These many battles constituted a nascent, surging, and, today, too-often-overlooked civil rights struggle that helped pave the way for the more famous movement of the postwar years.
Nearly all the major civil rights organizations of the day, including the National Association for the Advancement of Colored People, the March on Washington Movement and even the upstart Committee (later, Congress) of Racial Equality, made changing blood policy a top priority. One statement from a group of the nation’s most prominent black leaders put it this way:
“In justice to what we know to be the practically unanimous sentiment among Negroes in America, we affirm the need for alteration of the segregated blood plasma policy.”
Black newspapers, enormously popular and important at time, also protested blood segregation and exclusion, regularly featuring front-page stories, boldface headlines and blistering editorials on the subject.
In January 1942, for example, the African-American weekly the Cleveland Call and Post published an “editorial in rhyme”:
“The cross of Red, that burned so bright
In fire, storm and flood
Is now the crooked Nazi sign
That spurns a Negro blood!”
Activism on this issue extended well beyond these traditional places.
Labor unions, Christian and Jewish groups, local interracial committees, scientific organizations and the New Jersey State Legislature all spoke out against blood segregation.
The Communist Party of Cuyahoga County in Ohio held a rally of 3,500 people, condemning blood policy as “Barbarian Hitlerism.”
An interracial group of precocious junior high schoolers at Harlem’s Public School 43 tested (with the help of their science teachers) the blood of a black student and of a white student. Finding no difference, they wrote an article in the school paper, made and distributed hundreds of posters, and held a public meeting – all in opposition to the Red Cross policy.
The most widespread form of protest, however, came from thousands of ordinary African-Americans who refused to donate blood and money to the Red Cross.
While roughly 10 percent of the U.S. population at the time, blacks made up less than 1 percent of all blood donors.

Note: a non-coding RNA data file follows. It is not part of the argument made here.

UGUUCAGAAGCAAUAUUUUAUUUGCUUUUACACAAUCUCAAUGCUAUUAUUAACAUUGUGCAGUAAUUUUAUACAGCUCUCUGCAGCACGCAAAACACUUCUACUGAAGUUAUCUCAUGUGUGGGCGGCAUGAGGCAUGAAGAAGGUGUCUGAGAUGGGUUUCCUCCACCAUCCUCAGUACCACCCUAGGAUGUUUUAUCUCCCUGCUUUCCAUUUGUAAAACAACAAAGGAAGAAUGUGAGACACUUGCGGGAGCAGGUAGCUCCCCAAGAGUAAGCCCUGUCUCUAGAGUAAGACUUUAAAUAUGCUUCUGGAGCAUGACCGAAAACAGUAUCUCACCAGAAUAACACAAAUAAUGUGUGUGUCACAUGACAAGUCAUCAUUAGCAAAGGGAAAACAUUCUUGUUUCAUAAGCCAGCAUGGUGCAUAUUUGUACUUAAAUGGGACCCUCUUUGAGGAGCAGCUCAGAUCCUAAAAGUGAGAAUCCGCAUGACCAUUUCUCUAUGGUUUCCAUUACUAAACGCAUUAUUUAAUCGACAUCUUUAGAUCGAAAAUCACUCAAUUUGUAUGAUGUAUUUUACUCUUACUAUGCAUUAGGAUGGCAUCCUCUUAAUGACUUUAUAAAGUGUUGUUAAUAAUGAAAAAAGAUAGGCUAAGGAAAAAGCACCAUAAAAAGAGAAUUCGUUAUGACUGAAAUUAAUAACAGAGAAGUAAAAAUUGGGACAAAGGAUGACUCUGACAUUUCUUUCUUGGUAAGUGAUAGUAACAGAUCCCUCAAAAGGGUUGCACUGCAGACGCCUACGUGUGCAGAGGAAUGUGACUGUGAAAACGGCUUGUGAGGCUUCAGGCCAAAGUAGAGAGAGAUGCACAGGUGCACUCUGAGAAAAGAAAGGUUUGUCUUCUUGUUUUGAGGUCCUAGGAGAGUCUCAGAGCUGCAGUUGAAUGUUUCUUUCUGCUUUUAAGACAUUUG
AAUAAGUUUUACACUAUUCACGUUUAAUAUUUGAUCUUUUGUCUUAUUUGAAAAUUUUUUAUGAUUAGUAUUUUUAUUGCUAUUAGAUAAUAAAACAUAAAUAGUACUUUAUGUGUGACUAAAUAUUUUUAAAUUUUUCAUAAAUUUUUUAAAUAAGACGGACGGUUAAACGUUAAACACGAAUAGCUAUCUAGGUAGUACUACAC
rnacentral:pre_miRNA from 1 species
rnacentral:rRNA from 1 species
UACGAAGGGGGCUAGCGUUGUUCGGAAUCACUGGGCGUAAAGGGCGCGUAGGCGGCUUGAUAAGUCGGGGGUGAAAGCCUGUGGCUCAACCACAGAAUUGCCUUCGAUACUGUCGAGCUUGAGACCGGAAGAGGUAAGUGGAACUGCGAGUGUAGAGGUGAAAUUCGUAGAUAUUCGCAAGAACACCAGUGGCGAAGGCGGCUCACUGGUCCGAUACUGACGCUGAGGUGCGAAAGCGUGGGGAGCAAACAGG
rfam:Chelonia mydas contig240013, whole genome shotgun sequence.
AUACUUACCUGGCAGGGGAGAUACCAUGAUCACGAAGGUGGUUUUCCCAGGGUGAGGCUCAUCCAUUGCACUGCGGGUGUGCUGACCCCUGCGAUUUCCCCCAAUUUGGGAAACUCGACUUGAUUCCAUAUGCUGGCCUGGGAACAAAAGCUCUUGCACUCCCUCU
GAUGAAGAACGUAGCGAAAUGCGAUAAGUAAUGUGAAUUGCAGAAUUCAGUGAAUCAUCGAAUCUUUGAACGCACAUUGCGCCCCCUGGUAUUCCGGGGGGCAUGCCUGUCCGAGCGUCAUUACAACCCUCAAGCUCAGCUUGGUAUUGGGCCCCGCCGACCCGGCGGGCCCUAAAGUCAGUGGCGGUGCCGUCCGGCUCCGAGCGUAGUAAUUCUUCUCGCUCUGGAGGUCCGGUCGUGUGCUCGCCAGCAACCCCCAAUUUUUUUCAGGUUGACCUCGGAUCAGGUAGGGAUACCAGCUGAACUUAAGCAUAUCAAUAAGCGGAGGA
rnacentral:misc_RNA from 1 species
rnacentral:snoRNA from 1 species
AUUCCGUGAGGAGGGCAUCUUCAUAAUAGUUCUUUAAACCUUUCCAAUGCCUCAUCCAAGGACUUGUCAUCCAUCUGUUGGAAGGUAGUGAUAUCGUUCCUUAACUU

African-Americans contributed generously to the Treasury Department’s Defense Bonds: It is not a lack of patriotism that explains their halfhearted response to blood drives. The reason was a determined opposition to race-based exclusion and segregation.
Expressing these feelings best was a high school student from Cleveland named Geraldyne Ghess. Her poem appeared in the local black newspaper:
Had I wealth, I’d burn it all;
Not one cent for the Red Cross call.
Our money is good … our blood is bad.
But, still that shouldn’t make us mad.
Are they afraid they’ll all turn black?
Is that why our blood they lack?
Their skins are white as snow … it’s well.
Their souls are tarnished, black as hell.
In the end, this wide-ranging activism may have failed to democratize the blood program fully – at least during the war.
But African-Americans did – in the end – force the Red Cross to include them as donors.
Full-fledged integration, which took a few more years, owed everything to their work.
This story appeared first in The Conversation on Dec. 23, 2019. The Conversation is a community of more than 135,400 academics and researchers from 4,192 institutions.
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Coffee or Die is Black Rifle Coffee Company’s online lifestyle magazine. Launched in June 2018, the magazine covers a variety of topics that generally focus on the people, places, or things that are interesting, entertaining, or informative to America’s coffee drinkers — often going to dangerous or austere locations to report those stories.